Our Beyond Chronic interview with Laurel Dewey, author of the new novel Betty’s (Little Basement) Garden, continues as Laurel discusses (not) getting high on medical cannabis, a traveling propaganda circus, and her outrage at parents who give their children truly dangerous drugs.
David Fiedler: So we’ve been sitting here for over half an hour talking about all this stuff, and none of us has mentioned the word “high”. Medical marijuana isn’t about being high, is it?
Laurel Dewey: Oh, absolutely not. You know, when I was talking to this 84-year-old guy, that’s the first thing he said to me. When I first met him, he was contemplating using it; by the time I got my relationship with him going for research on the book, he was using it, but he wasn’t smoking it. He was taking it in a tincture form.
And the first thing he said to me was, “I don’t want to get high.”
And that’s what everybody says. I don’t want to get high. I don’t want to be out of control. I don’t want to be stumbling around. I don’t want to be incoherent. I don’t want to be hallucinating. I don’t want to get paranoid.
A lot of that is from fear, and a lot of it is from misinformation, and then a lot of it is true. I sat with a woman, I think she’s in her late sixties now, the first time she ever tried an edible, because she was scared. She took way too much. And she was having a lot of time distortion, and that kind of thing. And she kept looking at me and saying, “This is the reason! This is the reason I didn’t want to do it!”
And I said to her, “OK, give it a couple of days to let it get out of your system, and the next time, just take a little bite. Just take a little bit. Because you obviously found out it was way too much for you.” And she did that, and then she realized there was a way to use it where she wouldn’t have the time distortion, and she wouldn’t feel like she was out of her mind.
The number one reason a lot of the elderly people were taking it, that I encountered, was for two things: insomnia and pain; but mostly insomnia. I mean, I heard that all the time. So I’ve learned that you don’t really get high, but you can take a dose where you know it will get you to sleep. And then it keeps you asleep.
I’m talking about edibles, I’m not talking about smoking. Smoking, frankly, is really the worst way to do it. And it really, really, really gets my goat, when people make assumptions that the only way to do this is to smoke it. Most people don’t have any clue that you can take it in an edible. I mean, they know about brownies, but they don’t know about tinctures, they don’t even know about salves. And then there’s a lot of disinformation going around about salves, that salves can get you high. I’ve heard that, and that’s of course wrong.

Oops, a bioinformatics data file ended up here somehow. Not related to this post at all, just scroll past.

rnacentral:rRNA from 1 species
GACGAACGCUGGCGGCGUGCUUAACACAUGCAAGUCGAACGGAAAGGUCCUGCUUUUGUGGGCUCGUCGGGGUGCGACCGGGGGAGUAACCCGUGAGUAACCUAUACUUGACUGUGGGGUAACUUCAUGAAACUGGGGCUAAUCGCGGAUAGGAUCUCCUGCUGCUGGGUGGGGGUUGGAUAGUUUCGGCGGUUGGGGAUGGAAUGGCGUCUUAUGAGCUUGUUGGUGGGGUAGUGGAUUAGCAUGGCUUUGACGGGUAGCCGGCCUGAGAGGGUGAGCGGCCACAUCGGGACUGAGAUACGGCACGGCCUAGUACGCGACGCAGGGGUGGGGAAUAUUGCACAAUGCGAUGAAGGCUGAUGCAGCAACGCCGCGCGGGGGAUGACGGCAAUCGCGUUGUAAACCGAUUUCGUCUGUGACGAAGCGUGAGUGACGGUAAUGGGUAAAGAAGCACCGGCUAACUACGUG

I went to a local rally – I’m not going to mention the town – that the concerned citizens did, because they wanted to close a bunch of the dispensaries in town, and they wanted to protect the youth, you know, “God help our youth”. So I went there because I wanted to hear what the propaganda was. I wanted people to look me in the face and tell me all this crap. I wanted to hear what was going on out there, and…boy, I could hardly hold myself back from getting up. I think I’ve totally gone off subject.
Old Hippie: No, no. The amount of ignorance and bullshit about this is incredible. I mean…why else would it still be illegal?
Laurel Dewey: You know, when I went to this “Awareness Group”, it was put on by a group — it wasn’t DARE, but I’m not going to mention the name of the group — that’s very big in schools, the things they were talking about were so ridiculous. It was obvious that these people had no clue what they were talking about. The first thing they said was “It kills brain cells”. That was what they kept driving home, “it kills brains cells”. And all I wanted to do was say, “Didn’t you read? There’s a study. Neurogenesis! It creates the growth of new brain cells! It’s really good for Alzheimer’s. It actually can help stave off dementia. Wait, wait! Do some research!”
And, funnily enough, at this meeting – it was a packed house, standing room only – I looked around at the group, and there were dispensary owners there, that I had talked to. Nobody who was pro-cannabis was getting up and speaking; because they were scared, maybe. This was a loaded house, and it was loaded against them. But a lot of these people were there, like me, because they wanted to see what the opposition was spouting.
There was a doctor on the panel, the attorney general of our state was there – he made some interesting comments – there were some teachers, a school principal, and then there was this moderator there I wanted to choke. He was this typical, ignorant type, making jokes about things that really aren’t funny. You know, making a lot of “pot jokes”, which I thought was really unnecessary.